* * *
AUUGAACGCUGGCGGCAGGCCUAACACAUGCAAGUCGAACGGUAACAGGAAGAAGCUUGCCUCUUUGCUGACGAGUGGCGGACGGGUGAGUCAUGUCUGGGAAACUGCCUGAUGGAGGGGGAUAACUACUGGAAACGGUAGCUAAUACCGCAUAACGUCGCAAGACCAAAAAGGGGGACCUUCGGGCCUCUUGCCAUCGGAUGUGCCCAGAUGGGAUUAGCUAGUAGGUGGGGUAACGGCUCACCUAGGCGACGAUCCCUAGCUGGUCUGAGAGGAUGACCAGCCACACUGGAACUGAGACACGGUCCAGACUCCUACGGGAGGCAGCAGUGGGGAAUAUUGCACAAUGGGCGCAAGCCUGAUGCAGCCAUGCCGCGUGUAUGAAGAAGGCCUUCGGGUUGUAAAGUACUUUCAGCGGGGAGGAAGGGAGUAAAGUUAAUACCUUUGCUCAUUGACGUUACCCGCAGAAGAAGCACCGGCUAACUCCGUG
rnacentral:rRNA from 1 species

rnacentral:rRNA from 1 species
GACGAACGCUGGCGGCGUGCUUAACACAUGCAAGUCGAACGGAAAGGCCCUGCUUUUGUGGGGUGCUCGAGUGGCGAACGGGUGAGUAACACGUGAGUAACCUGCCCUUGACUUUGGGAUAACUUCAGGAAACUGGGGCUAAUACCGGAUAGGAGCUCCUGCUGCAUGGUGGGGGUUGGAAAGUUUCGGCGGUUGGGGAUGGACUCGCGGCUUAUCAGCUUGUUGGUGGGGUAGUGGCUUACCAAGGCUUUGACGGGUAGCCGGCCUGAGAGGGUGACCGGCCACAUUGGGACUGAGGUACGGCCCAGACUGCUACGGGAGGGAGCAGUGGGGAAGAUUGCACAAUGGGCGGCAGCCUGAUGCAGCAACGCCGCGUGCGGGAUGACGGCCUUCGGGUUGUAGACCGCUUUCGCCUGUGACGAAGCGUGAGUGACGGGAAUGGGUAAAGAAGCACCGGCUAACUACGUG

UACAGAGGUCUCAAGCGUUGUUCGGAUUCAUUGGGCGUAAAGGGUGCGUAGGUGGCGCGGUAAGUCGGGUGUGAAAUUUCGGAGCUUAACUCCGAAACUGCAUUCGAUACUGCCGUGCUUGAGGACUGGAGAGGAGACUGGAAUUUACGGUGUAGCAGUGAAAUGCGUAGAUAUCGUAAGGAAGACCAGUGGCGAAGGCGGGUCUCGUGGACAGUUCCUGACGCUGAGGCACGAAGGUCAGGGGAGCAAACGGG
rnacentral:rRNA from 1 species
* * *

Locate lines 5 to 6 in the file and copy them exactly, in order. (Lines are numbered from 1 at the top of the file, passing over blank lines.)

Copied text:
UACAGAGGUCUCAAGCGUUGUUCGGAUUCAUUGGGCGUAAAGGGUGCGUAGGUGGCGCGGUAAGUCGGGUGUGAAAUUUCGGAGCUUAACUCCGAAACUGCAUUCGAUACUGCCGUGCUUGAGGACUGGAGAGGAGACUGGAAUUUACGGUGUAGCAGUGAAAUGCGUAGAUAUCGUAAGGAAGACCAGUGGCGAAGGCGGGUCUCGUGGACAGUUCCUGACGCUGAGGCACGAAGGUCAGGGGAGCAAACGGG
rnacentral:rRNA from 1 species